ECB Rate Increase Is Less of a Done Deal as Japan Disaster Aftermath Looms
Investors and economists are paring bets that the European Central Bank will raise interest rates next month as the aftermath of Japan’s biggest earthquake overshadows prospects for the global economy.
Money-market futures fell, indicating investors are curbing expectations that the ECB will proceed with lifting borrowing costs after stocks, bond yields and commodities slumped on concern a nuclear disaster is unfolding in Japan. Economists at Nomura International Plc, Lloyds Bank Corporate Markets and Royal Bank of Scotland Group Plc said the ECB may wait to assess the impact on markets and the global economy.
“The ECB is still more likely to raise rates than not next month, but it’s by no means as much a done deal as it was,” said Laurent Bilke, head of global interest-rate strategy at Nomura International in London. “It could risk really spooking markets and exacerbating panic. There is just so much uncertainty around.”
ECB President Jean-Claude Trichet surprised investors 12 days ago by saying that the central bank may tighten policy for the first time in almost three years. The ECB is concerned that inflation, which has breached its 2 percent limit since December, may become entrenched as workers demand wage increases to compensate for higher costs.
“The probability of an increase is somewhere between 50 and 75 percent now” instead of maybe 90 percent before, said Kenneth Broux, senior market economist at Lloyds Bank in London. “The deeper the selloff in risk, the greater uncertainty and the more bad news from Japan, the more likely they’d wait to understand to discover the implications.”
A survey of fund managers published today by Bank of America Merrill Lynch found 72 percent expect the ECB to raise rates before July, up from zero in February. The poll was taken before Japan’s earthquake and the agreement by European leaders to let their bailout fund buy bonds from governments.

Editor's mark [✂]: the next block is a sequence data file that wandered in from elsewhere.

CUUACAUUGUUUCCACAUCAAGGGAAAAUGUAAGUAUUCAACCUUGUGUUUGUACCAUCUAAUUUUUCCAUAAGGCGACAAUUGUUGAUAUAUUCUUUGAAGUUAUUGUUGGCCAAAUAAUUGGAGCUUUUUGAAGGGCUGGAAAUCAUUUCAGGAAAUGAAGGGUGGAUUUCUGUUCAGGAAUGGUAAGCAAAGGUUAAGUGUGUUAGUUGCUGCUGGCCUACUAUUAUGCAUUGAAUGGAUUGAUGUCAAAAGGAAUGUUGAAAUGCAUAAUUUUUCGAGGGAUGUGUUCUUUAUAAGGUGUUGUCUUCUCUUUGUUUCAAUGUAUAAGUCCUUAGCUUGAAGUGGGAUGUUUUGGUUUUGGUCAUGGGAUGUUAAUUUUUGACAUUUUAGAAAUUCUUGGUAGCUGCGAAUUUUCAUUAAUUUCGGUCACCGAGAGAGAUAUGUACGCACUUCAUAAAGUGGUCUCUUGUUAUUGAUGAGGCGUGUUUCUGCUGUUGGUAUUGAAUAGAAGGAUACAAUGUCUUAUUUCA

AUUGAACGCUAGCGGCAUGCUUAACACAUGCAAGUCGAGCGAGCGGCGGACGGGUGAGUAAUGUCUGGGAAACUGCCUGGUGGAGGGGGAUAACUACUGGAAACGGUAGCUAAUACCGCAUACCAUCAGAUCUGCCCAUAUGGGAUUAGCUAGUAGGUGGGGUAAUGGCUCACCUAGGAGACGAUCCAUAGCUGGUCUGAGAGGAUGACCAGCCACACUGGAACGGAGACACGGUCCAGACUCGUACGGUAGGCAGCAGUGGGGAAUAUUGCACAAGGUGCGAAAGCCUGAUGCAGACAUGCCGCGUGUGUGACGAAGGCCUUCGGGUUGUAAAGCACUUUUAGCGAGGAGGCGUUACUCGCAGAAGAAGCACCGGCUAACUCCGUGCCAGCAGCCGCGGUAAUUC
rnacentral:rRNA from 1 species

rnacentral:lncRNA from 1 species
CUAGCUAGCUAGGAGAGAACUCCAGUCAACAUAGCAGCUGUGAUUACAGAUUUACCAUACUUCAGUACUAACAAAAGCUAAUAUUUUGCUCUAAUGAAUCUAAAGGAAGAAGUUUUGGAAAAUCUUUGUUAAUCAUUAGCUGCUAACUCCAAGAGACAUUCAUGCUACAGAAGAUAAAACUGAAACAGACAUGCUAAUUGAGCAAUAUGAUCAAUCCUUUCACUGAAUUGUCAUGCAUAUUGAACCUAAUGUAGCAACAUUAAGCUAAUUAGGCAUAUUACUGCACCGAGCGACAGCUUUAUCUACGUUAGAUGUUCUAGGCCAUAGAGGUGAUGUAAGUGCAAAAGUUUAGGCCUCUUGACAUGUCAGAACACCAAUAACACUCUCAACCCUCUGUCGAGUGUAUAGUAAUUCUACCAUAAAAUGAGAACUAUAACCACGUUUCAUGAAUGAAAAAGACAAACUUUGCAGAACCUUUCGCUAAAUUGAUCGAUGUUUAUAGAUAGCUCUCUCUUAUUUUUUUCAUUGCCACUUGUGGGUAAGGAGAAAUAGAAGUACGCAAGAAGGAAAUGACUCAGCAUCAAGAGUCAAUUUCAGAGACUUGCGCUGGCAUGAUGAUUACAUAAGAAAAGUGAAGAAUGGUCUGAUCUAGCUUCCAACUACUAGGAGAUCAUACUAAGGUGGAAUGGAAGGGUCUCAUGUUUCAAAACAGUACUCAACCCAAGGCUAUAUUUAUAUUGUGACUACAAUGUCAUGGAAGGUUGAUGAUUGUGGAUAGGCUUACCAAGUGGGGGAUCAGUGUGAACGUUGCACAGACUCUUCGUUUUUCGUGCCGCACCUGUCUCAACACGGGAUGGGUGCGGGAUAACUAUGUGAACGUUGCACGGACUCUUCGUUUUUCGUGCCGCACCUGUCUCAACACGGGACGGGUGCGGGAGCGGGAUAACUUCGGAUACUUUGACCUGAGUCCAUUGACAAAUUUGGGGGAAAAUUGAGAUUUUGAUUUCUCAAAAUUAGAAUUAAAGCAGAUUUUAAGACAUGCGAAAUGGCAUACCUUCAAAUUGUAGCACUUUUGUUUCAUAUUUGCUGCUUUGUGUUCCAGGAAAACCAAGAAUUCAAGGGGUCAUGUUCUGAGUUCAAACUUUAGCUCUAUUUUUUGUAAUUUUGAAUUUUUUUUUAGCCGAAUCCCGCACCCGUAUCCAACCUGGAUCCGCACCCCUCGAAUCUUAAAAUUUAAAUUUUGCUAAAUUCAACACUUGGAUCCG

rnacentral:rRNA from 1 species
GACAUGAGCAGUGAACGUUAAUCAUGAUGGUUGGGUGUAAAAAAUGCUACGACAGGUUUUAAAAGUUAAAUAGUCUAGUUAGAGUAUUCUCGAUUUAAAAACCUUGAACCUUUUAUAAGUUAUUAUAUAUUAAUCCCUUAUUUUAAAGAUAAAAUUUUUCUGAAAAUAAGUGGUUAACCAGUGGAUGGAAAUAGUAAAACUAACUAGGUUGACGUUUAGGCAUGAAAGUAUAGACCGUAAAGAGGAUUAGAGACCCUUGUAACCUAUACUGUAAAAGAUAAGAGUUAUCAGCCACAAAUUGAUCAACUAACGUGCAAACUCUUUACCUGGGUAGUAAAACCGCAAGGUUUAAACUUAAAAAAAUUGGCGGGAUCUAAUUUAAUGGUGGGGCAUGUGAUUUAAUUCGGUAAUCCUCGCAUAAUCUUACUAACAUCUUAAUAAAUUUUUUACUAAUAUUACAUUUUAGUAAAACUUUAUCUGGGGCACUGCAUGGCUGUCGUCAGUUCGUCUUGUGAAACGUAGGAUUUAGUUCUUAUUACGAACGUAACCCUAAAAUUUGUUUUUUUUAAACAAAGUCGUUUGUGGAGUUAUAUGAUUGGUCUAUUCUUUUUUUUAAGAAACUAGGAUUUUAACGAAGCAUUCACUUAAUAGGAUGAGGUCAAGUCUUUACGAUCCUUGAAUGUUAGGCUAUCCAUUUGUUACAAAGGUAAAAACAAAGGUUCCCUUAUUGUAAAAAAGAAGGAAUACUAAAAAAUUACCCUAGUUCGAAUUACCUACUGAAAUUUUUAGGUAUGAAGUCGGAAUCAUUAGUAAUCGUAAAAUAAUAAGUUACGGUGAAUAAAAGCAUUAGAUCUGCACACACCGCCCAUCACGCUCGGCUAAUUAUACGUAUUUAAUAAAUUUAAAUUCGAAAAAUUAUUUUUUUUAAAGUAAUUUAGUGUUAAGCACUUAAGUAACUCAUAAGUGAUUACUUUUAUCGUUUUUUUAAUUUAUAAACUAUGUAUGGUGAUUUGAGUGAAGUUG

“Maybe investors are being too aggressive in terms of the ECB rate rise,” said Gary Baker, head of European equities strategy at BofA Merrill Lynch. “Markets would still be expecting a rate rise, but it’s not a foregone conclusion.”
German investor confidence fell for the first time in five months in March on expectations of a rate increase and after the earthquake, the ZEW Center for European Economic Research in Mannheim said today. Its index of investor and analyst expectations, which aims to predict developments six months in advance, declined to 14.1 from 15.7 in February.
ECB Governing Council member Ewald Nowotny said yesterday evening that it’s “too early” for any conclusion on how the Japanese disaster may impact officials’ resolve to raise rates. Nowotny said “we never pre-commit” and developments have to be “observed very closely.”
Forward contracts on the euro overnight index average, or Eonia, for the day of the next ECB interest-rate decision fell four basis points, or 0.04 percentage points, to 0.9205 percent as of 3 p.m. in London, according to data from Deutsche Bank AG. The declines indicate investors are paring bets on an increase in borrowing costs next month.
The 10-year German breakeven rate, a measure of inflation expectations, fell for a fourth day, declining three basis points to 198 basis points. The rate climbed as high as 215 basis points on March 3.
Euribor futures jumped today, sending the implied yield on the contract expiring in December down 15 basis points to 1.88 percent, signaling traders are reducing bets for higher interest rates in the euro area through the end of the year.
Even so, holding off “would completely dilute and erode any impact of signaling rate increases in the first place,” said Julian Callow, chief European economist at Barclays Capital in London. “They’ve only done that once in 2007 and at the time the situation was critical, money markets had completely frozen plus they had already raised rates quite a bit.”
Europe’s economy is gathering strength, with manufacturing growth accelerating to the fastest pace in more than ten years in February and confidence in the economic outlook jumping to the highest in more than three years last month. Inflation has reached 2.4 percent and it will stay above its ceiling for the whole of 2011, the central bank said in its latest forecasts.
The effect of Japan on financial markets and the global economy may yet override the ECB’s determination to curb consumer prices, said Jacques Cailloux, chief European economist at RBS in London.
“What’s happening in Japan is significant,” he said. “It has more implications for damping global demand in the medium term so reduces the chances of rate hikes post-April, but you cannot rule out an extreme situation preventing them from raising rates” in April.